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Thread: Systems Failure: A Fig Leaf to Cover Personal Fault

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    Politics.ie Member bactrian's Avatar
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    Default Systems Failure: A Fig Leaf to Cover Personal Fault

    Eddie Molloy wrote a very interesting Opinion Piece We must stop blaming " We must stop blaming ‘systems’ for shameful human failures " :

    "The “systems failure” explanation has been used repeatedly in recent years in Ireland as a convenient fig leaf to enable individuals who were ultimately responsible for catastrophic institutional crashes in all sectors and individual human tragedies to escape accountability. "

    I have to agree with him in the points he raises. Once the system is blamed then there is never an actual culprit.

    I recommend reading the article.
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    Well we need to stop: dreaming of systems so perfect that no one will need to be good. T.S. Eliot.
    Last edited by Mossy Heneberry; 27th April 2013 at 09:41 PM.
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    Politics.ie Member nonpartyboy's Avatar
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    No it's not quite that, when the blame can go no lower a low ranking public servant gets sacked, a high ranking public servant is a systems failure.............

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    Politics.ie Member 4horsemen's Avatar
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    Quote Originally Posted by nonpartyboy View Post
    No it's not quite that, when the blame can go no lower a low ranking public servant gets sacked, a high ranking public servant is a systems failure.............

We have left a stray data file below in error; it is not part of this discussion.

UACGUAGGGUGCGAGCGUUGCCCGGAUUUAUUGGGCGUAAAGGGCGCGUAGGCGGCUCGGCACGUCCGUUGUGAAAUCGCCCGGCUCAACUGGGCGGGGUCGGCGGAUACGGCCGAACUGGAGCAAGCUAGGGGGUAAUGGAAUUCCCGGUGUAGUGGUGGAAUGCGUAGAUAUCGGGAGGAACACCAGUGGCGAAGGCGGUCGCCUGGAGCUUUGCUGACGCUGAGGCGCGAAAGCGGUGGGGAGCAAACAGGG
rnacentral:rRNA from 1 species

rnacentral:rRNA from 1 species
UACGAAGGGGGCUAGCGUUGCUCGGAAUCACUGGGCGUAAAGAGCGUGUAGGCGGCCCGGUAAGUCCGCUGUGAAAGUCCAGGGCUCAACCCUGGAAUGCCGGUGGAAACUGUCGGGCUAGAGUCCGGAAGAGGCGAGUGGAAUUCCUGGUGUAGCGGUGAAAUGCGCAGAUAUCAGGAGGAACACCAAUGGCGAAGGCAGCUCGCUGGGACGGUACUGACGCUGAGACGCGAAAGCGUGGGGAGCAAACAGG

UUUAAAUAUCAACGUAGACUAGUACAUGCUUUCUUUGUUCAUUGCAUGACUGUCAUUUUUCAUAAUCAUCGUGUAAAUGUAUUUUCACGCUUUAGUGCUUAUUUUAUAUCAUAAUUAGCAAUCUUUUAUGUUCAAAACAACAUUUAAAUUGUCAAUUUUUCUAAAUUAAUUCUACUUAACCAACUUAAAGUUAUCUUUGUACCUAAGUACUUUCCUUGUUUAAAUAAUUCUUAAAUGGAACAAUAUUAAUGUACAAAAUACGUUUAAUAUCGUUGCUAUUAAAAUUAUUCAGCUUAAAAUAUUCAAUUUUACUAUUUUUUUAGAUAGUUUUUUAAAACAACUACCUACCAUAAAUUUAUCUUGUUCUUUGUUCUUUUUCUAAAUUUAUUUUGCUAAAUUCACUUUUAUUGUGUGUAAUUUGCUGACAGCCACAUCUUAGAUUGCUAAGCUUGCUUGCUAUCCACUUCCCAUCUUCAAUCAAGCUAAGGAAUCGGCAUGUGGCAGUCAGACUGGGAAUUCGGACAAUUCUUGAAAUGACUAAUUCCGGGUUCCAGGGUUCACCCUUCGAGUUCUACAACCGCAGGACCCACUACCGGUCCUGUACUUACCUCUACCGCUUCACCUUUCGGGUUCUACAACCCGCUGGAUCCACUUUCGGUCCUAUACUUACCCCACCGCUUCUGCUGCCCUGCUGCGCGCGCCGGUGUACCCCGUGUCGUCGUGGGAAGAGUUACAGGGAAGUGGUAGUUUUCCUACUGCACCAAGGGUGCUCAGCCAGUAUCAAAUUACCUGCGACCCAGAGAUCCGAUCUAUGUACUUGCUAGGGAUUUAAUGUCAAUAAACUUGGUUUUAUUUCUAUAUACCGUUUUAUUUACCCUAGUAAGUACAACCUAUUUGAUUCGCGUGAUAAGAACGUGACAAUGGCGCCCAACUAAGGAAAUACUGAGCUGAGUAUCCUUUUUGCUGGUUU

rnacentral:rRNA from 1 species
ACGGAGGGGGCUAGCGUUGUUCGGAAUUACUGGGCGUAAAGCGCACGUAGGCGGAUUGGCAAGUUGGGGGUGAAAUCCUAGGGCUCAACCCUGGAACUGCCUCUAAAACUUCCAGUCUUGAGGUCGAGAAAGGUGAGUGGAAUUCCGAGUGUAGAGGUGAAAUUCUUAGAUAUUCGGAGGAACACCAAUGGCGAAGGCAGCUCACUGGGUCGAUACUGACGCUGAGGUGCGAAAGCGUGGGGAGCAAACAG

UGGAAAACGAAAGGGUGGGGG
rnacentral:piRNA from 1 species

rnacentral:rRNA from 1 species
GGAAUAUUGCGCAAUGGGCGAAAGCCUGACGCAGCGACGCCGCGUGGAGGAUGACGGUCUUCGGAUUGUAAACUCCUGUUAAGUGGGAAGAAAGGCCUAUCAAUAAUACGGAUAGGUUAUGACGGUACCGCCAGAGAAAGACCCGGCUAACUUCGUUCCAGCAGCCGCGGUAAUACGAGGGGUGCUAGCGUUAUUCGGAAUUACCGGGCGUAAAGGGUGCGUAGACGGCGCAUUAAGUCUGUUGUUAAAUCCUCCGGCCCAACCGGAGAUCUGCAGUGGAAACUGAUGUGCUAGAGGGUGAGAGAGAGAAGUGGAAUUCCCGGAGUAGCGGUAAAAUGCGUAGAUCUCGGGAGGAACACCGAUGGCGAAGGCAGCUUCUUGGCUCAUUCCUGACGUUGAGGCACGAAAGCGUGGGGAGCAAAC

I agree with you that it is invariably a cop out. Systems rarely fail and most disasters, crashes etc are due to human action or inaction whether due to nonfeasance, misfeasance or malfeasance.
    Two classic examples are:
    1. In banking if actions that result in incorrect application of interest and incorrect sales of insurance etc were simple systems failures it would be reasonable to expect some would benefit the client.
    2. If the Health sector operates without legistlation that reflects our Constitutional rights then this due to negligence by successive Ministers of Health.

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    In focussing on the fig-leaf word-bite, you're missing the main point of Molloy's excellent piece; read on past that!
    "Whenever there is a systems failure, however, it does not mean that no one is to blame because the vital question always arises: who was responsible for the design, installation, maintenance, auditing and continuous improvement of the system in question?...Boards and senior managers are responsible not just for achieving certain business outcomes, they are also responsible for the overall health of their organisation which includes ensuring it has structures fit for purpose...not least ensuring necessary skills are in place."
    Molloy doesn't mention W.E Deming (his classic book Out of the Crisis published 1982) and his 14 Points for Management & Deadly Sins which are unfortunately still acutely relevant today. Point 2: Management must lead (as opposed to administer)
    In contrast, the general standard of what passes for board and senior management, certainly in the health service today, has more of an Orwellian taint about it with senior management walking around repeating mantras akin to "2 legs good, 4 legs bad" such as "patient care will not be affected": in the words of Aidan Halligan speaking recently at Trinity College "wilful blindness"